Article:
Saturday, March 19, 2005

The Left's Warped Sense of Federalism

I haven't read the editorial, because I frankly don't think I could stomach it, but the New Yuck Times is apparently all up in arms about Congress possibly intervening to save Terri Schiavo from being starved to death by decree of the Flordia State courts. The Times seems to think that such a "rash assumption of judicial power" by Congress is "nothing short of breathtaking." However, as noted by Ramesh Ponnuru and Mark Levin over at The Corner, the Times' incredulous concern over the sanctity of states' rights in the killing of a handicapped woman is about as phony as a three dollar bill. (I especially like Levin's observation that Congress is actually coming to the aid of Florida elected officials -- e.g., Gov. Jeb Bush -- who tried to enact legislation to save Terri, but were thwarted by anti-life judges in the Florida courts). Dollars to donuts that the Times would be screaming for Federal troops if a Florida judge had made a ruling that was preventing a woman from getting an abortion.

Speaking of Terri Schiavo, go to Blogs for Terri on the latest happenings in this most disturbing affair.

Friday, March 18, 2005

He's Either Stupid or Conniving

My firm is representing a small company who is being sued by a former employee who claims that our client failed to pay him his due wages as required by the California Labor Code. At first, the attorney representing the former employee filed a complaint wherein he tried to claim punitive damages on top of the penalties that are imposed by the Labor Code. That, of course, is a no-no under established case law, and my firm (via me) accordingly filed a motion with the court to have the extra punitive damage claim stricken from the complaint.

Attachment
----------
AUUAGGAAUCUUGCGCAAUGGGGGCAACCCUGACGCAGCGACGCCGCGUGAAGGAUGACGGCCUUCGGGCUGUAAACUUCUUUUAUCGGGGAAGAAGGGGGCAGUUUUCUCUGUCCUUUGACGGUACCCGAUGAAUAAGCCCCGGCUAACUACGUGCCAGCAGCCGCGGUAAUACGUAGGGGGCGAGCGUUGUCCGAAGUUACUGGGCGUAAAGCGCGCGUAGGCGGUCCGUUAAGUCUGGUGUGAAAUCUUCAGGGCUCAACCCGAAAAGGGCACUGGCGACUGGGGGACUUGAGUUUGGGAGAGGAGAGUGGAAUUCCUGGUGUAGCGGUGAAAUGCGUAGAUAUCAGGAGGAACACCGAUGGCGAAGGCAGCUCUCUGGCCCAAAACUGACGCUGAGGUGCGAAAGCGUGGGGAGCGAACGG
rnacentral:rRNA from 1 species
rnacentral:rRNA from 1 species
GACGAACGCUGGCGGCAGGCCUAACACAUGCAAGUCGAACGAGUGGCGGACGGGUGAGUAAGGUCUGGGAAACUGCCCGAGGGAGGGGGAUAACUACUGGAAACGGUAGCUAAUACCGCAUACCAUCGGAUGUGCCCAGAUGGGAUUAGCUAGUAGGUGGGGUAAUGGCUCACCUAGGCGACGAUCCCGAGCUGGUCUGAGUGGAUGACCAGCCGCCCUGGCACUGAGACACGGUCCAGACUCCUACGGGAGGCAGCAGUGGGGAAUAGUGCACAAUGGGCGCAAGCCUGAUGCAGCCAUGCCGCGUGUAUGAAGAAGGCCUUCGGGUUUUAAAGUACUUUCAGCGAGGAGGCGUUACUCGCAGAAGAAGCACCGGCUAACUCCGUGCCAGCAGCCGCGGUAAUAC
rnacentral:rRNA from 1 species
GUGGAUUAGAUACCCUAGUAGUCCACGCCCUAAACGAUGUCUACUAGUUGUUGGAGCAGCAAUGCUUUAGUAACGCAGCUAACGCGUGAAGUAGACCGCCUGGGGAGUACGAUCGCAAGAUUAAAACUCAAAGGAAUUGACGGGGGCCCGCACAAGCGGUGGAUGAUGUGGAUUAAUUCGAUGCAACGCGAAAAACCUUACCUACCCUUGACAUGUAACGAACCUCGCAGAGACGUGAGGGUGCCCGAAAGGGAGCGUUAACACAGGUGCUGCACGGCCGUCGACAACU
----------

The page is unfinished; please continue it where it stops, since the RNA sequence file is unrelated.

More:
Since here in California a plaintiff has the right to amend his or her filed complaint one time without having to get permission from the courts, the former employee's attorney did so, and I went ahead and cancelled the scheduled hearing on the motion I made. However, rather than just taking out the inappropriate punitive damage claim, the former employee's attorney went and added a common law cause of action for fraud. Based upon the original complaint he filed, it's obvious that the former employee's attorney is trying to make a backdoor claim for additional punitive damages in the amended complaint. The real kicker about this added cause of action for fraud is that the former employee is essentially alleging that my firm's client intentionally misrepresented to him that it would not violate civilly prosecutable State and Federal labor laws regarding the payment of due wages. This is about as logical as the government criminally prosecuting someone for not only murder, but also for intentionally misrepresenting that he wouldn't commit murder.

Needless to say, a demurrer (i.e., a legal "so what?") on the added cause of action is being prepared.